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A love letter to February


Martin Maudsley author of Telling the Seasons declares his love for the month of February and the folklore behind it. 

Sensing the seasons

Perceptibly, there seem to be more than just four seasons, as we experience the gradual changes of the natural world through the cycle of the year. In Japan there’s an ancient system of 72 micro-seasons, each one shifting every 5 days, to reflect the refined gradations of both ecological and cultural change over time. That’s quite a leap forward from four, but each year I’m aware of distinctive transitional periods between the main seasons.

Although the shortest of all months, February holds one such seasonal segue: one foot firmly rooted in winter, one toe dipping into spring waters. At the time of writing, early February in Dorset, the skies are bright and clear – giving rise to frost-fettered, wintery mornings, whilst afternoons are sunny and palpably spring-like. I often wonder what to call this particular semi-season – ‘Winting’ perhaps, or ‘Sprinter’…? February’s duality of identity was poetically personified in Chambers Book of Days, published in 1866:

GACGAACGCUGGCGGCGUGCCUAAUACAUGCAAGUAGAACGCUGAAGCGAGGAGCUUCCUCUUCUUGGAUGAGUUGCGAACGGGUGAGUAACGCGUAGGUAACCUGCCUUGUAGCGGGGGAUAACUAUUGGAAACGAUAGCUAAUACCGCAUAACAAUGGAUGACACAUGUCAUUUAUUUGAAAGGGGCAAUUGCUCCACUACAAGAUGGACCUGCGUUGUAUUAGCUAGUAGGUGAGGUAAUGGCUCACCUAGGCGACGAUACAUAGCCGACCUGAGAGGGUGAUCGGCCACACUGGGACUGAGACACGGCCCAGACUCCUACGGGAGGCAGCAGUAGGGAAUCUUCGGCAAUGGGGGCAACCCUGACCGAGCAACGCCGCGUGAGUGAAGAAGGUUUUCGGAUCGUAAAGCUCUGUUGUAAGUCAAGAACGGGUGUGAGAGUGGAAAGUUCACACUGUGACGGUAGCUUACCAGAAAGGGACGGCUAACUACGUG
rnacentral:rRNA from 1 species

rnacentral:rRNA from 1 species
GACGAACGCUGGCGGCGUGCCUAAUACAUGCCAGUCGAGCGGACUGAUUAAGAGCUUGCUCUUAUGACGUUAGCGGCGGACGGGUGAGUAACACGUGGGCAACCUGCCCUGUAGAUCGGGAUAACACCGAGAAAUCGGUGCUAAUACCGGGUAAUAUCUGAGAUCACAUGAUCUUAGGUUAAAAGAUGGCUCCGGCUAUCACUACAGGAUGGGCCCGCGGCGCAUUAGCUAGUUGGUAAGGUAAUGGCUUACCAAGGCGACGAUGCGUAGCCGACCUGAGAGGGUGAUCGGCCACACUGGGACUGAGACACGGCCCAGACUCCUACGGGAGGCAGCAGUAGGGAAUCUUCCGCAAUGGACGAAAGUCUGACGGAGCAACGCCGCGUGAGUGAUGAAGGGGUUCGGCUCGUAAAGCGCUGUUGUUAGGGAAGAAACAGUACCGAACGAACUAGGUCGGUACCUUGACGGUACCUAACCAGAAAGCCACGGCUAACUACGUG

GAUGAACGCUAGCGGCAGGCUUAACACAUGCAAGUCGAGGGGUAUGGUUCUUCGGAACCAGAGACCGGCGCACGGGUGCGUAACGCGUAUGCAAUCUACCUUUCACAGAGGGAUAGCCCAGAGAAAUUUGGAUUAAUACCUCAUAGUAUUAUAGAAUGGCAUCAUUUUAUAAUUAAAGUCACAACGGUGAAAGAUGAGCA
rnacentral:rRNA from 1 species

‘Everywhere there are now signs that the reign of Winter is nearly over: even when he dozes he can no longer enjoy his long sleep, for the snow melts as fast as it falls, and he feels the rounded buds breaking out beneath him.’

Let there be light

Meteorologically, February is generally considered to be the last of three winter months, due to its prevalently cold weather conditions. So the start of spring is correspondingly equated with the beginning of March; or even the spring equinox (21 March). However, the 1st of February is a full six weeks after the peak darkness of winter solstice, and as day length continues to increase through the month, the signs of spring are already unfolding in nature – returning light gives birth to new life. Croaking frogs spawn in garden ponds, whilst below ground, badgers give birth in sunken setts. Here and there are the first flutterings of coloured wings, as sunny spells conjure butterflies out of their winter hibernation – if we’re lucky, it will be the auspicious gold of a Brimstone.